Like many people working at the intersection of religion and science, Ilia Delio in Making All Things New (2015) remarks on the human ‘inability to modify core religious beliefs according to what we now know about ourselves’ –thanks, that is, to new knowledge made possible by advances in the sciences. These recalcitrant core beliefs, she notes, are founded on ‘the power of religious myth [which] runs deeper than science, even though the beliefs are based on outmoded notions of the physical cosmos’ (55). The tension of the underlying questions: ‘why and how does change happen?’ ‘what has to change?’ and ‘what has to stay the same?’, echoes through all movements of growth, all expressions of transition, all kinds of ascending, all kinds of deepening.
Coming from a literary background I resist the suggestion that myth is some sort of obstruction to progress. No: myth is manna. On myth, belief is predicated.
Before “belief” came to mean “opinion,” it typically referred to devotion or trust. It was an experiential word, and not a philosophical one, that indicated what a “believer” held dear or loved. “Belief” was a disposition of the heart.’
Diana Butler-Bass (here)
Myth is a continuity, something nourishing and time-worn (in good and less good ways). It is a stabilising influence in the cultures and communities out of which it has arisen–or, it has been up to now. It is also true I think, that myth does not function in the same way it once did; doubtless a contributing factor that plays into our ‘outmoded notions of the physical cosmos.’
This very engaging article ‘Increasing the Bandwidth‘ explains the idea of ‘cultural bandwidth’ and the strains a globalised world brings to bear on our ability to usefully store and integrate information. [The whole thing is worth a read.]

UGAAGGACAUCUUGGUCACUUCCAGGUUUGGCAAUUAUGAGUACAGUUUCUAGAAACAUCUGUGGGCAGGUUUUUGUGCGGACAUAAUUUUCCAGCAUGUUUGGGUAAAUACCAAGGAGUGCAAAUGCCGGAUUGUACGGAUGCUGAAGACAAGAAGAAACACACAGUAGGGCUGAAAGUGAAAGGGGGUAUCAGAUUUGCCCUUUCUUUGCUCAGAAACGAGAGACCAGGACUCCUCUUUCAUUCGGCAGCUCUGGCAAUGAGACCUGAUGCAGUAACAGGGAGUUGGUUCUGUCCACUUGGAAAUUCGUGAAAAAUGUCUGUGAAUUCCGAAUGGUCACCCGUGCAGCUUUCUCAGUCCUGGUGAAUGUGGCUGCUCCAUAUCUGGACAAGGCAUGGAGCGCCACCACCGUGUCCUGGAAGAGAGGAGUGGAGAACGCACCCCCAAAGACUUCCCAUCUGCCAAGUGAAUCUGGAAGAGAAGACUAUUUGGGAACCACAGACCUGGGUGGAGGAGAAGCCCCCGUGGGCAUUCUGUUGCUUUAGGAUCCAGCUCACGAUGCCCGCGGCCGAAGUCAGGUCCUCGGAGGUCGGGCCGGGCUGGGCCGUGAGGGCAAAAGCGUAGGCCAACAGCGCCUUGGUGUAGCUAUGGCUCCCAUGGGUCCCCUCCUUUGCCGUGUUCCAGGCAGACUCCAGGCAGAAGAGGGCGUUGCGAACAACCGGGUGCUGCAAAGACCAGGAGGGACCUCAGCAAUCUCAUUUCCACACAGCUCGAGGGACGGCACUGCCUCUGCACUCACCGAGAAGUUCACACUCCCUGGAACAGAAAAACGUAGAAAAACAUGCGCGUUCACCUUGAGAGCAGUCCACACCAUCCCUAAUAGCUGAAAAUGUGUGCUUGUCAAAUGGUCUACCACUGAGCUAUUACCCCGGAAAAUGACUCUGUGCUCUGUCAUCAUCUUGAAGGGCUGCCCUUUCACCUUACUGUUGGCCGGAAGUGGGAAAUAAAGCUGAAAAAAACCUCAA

Our culture as a whole has a very wide interface with reality, with telescopes, microscopes and many other instruments, with scientific institutions and scientific methods used to increase that bandwidth. However, unlike early cultures, the large amount of information makes it impossible to hold all members of society together inside one single cultural framework. Inside the total culture, subcultures are forming whose bandwidth might even be narrowing, and might be more or less intentionally be restricted, through ideology, denialism, consumerism etc.
In the Beau Lotto video on perception and stories I linked to recently, the blurb includes the lines: ‘our senses tell us stories about the world and we can control those stories to change our perceptions and ourselves.’ This is an intriguing claim. I want to know how it works. I’d like to believe it, even. Does the claim hint at something about conversion? About metanoia (which I’m using here to mean a total refresh for humanity, but not necessarily in a religious sense)? Are there methods for changing stories –via attention, say; via the body? And what are the time scales involved? Are the mechanisms similar or different for the individual and the collective?
Image: The Flammarion Engraving, found here